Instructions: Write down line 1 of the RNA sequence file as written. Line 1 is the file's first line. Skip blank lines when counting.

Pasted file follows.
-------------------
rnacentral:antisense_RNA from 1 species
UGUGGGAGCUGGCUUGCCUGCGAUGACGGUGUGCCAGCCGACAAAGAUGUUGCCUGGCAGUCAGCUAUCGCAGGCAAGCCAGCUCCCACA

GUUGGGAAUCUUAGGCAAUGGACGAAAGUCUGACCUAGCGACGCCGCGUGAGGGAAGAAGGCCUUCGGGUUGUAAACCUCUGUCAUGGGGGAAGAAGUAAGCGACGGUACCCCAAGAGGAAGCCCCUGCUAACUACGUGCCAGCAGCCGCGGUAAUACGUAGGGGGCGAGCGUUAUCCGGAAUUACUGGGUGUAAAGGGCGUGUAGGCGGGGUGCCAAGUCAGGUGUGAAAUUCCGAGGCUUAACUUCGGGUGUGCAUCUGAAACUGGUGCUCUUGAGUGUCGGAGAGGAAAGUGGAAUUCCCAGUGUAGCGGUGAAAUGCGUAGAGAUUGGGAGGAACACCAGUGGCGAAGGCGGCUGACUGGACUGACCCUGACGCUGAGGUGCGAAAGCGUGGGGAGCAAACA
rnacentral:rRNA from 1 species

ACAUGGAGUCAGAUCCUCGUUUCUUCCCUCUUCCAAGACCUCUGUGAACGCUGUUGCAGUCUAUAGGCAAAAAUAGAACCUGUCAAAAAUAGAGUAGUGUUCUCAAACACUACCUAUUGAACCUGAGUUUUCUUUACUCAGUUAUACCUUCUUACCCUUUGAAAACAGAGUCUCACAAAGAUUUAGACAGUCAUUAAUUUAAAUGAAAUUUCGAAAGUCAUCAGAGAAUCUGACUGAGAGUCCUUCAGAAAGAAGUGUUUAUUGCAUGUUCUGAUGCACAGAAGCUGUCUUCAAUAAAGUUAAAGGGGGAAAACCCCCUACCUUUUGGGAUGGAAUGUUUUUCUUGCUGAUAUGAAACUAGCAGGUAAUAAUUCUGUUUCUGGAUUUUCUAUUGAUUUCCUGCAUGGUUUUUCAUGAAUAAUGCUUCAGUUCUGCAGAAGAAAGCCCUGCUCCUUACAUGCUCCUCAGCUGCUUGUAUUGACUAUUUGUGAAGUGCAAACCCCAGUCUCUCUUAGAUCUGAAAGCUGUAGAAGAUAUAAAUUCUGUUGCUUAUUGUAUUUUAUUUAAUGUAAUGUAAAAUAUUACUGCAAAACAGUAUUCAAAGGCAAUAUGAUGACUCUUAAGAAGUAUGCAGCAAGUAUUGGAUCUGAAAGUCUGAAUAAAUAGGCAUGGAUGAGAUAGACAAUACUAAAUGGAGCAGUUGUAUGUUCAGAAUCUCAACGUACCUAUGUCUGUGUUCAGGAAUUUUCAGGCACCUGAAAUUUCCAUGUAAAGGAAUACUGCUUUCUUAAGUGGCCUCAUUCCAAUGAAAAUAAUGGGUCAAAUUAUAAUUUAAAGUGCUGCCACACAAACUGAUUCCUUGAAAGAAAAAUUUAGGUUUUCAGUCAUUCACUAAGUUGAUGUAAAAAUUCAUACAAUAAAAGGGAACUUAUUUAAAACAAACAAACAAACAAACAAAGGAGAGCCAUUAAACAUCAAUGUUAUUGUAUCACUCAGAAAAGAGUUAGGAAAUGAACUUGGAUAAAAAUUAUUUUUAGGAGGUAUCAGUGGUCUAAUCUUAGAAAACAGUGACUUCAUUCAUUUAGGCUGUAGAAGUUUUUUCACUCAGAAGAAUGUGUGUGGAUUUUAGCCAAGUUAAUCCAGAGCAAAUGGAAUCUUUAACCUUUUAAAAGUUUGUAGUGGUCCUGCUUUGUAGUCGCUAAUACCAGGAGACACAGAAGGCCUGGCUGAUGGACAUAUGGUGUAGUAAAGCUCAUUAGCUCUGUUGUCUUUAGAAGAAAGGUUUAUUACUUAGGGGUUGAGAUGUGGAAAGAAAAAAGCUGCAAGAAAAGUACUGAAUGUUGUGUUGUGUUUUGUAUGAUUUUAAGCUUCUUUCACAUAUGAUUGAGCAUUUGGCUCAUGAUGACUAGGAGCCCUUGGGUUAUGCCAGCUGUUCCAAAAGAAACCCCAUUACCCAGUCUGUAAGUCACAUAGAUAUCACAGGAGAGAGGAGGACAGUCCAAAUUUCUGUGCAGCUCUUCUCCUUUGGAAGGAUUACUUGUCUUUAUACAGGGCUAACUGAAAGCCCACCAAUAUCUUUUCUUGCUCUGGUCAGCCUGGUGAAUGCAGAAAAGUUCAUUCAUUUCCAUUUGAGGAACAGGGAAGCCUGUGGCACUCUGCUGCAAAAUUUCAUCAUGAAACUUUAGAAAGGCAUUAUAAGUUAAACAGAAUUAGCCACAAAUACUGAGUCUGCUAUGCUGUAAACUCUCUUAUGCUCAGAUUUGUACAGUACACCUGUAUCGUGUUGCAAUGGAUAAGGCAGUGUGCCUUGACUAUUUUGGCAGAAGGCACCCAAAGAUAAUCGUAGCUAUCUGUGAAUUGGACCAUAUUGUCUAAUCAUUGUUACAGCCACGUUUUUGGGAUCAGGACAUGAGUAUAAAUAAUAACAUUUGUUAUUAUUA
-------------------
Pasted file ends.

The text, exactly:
rnacentral:antisense_RNA from 1 species